If nothing else, the incident exposed just how desperate the climate denial movement was became. In this case, its leaders clung to a poorly worded statement and found their hero in a federal scientist who, it turns out, doesn’t share their views.

In a interview earlier this year, Rhome made it clear how global warming is and will continue to fuel more destructive tropical storms.

“Here’s the gist of what happens: if the globe gets warmer – and it does – it will hold more moisture, right? It will hold better. And then a hurricane will come and everything So that means it’s going to rain — it’s going to rain harder in the next few hurricanes,” he told News 6 WKMG in Orlando, Florida.

“You don’t need me to tell you that the sea level is rising either. You can see it. We can all see it. We go to the coast, [and] the coastline changes. The sea level rises. It is a higher base or foundation upon which future hurricanes will have to push storm surges. So the storm surge will be deeper and go further inland,” he added.

“If the [hurricane] the numbers increase or not, the storms that form are more powerful.

Asked about the fallout from Rhome’s CNN appearance, National Weather Service spokeswoman Susan Buchanan said Rhome “clearly stated that ‘overall, climate change could make storms worse’.”

“This comment is backed up by the overwhelmingly clear science on what climate change means for storms like Ian in general: heavier rainfall, possible slower motion that prolongs heavy rain and high winds, and more flooding. as sea levels rise,” she said by email.

“With a major hurricane and catastrophic storm surge rolling into Florida during the CNN interview, Jamie focused on the ongoing and urgent impacts.”

Jamie Rhome (right), acting director of the National Hurricane Center, provides an update on Hurricane Ian September 26 in Miami.

Mann said Rhome should have used more nuance in his comments.

I think we can attribute [it] to a clumsy answer to a question he didn’t expect to have to answer, rather than an intent to downplay climate change,” he told HuffPost.

Asked if Rhome misspoke during the CNN interview, Buchanan told HuffPost that her colleague “states publicly that there are links between hurricanes and climate change.”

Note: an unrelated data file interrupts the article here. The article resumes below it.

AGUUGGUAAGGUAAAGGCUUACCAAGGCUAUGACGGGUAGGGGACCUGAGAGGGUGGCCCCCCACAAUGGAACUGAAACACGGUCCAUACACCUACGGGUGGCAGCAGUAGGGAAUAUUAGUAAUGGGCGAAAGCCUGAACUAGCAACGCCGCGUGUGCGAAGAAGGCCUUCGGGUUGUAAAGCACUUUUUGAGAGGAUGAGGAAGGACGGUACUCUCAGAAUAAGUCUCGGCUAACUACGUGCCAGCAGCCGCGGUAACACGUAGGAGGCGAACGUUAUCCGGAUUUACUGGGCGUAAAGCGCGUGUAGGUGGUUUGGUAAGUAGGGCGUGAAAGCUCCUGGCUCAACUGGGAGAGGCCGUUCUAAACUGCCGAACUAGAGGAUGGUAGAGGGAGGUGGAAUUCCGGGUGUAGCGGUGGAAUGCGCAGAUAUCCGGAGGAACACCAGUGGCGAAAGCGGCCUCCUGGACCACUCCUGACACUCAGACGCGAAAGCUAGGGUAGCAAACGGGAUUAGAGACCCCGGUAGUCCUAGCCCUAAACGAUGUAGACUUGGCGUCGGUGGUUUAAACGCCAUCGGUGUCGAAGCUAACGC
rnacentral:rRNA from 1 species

“At that time, his focus was to stay focused on a deadly storm and the impending public danger,” she said. “Researchers will quantify scientific links to climate change after an event ends, which is an appropriate time for this conversation.”

It’s already underway. Last week, a preliminary analysis by two climatologists found that the total rainfall from Hurricane Ian was about 10% higher due to human-induced climate change.

Hurricane Ian had the characteristics of the type of storm that experts say will become increasingly common in a warming world. It underwent what is called a “rapid intensification”, going from a tropical storm to a major hurricane in just a few days. This abandoned more than 20 inches of rain in parts of central Florida, and the storm surge inundated coastal towns like Fort Myers and Naples. On Tuesday, the death toll had climb to at least 102, according to CNN.

In a opinion article in the Guardian last week, Mann and Susan Joy Hassol, the director of the nonprofit Climate Communication, called Ian a “tragic taste of things to come” and threw cold water on the comments by Rhome on CNN.

“Too often we still hear, even government scientists, the old idea that we cannot link individual hurricanes to climate change,” they wrote. “There was a time when climatologists believed it was true. But they don’t anymore. We have developed powerful tools to determine how global warming affects extreme events. »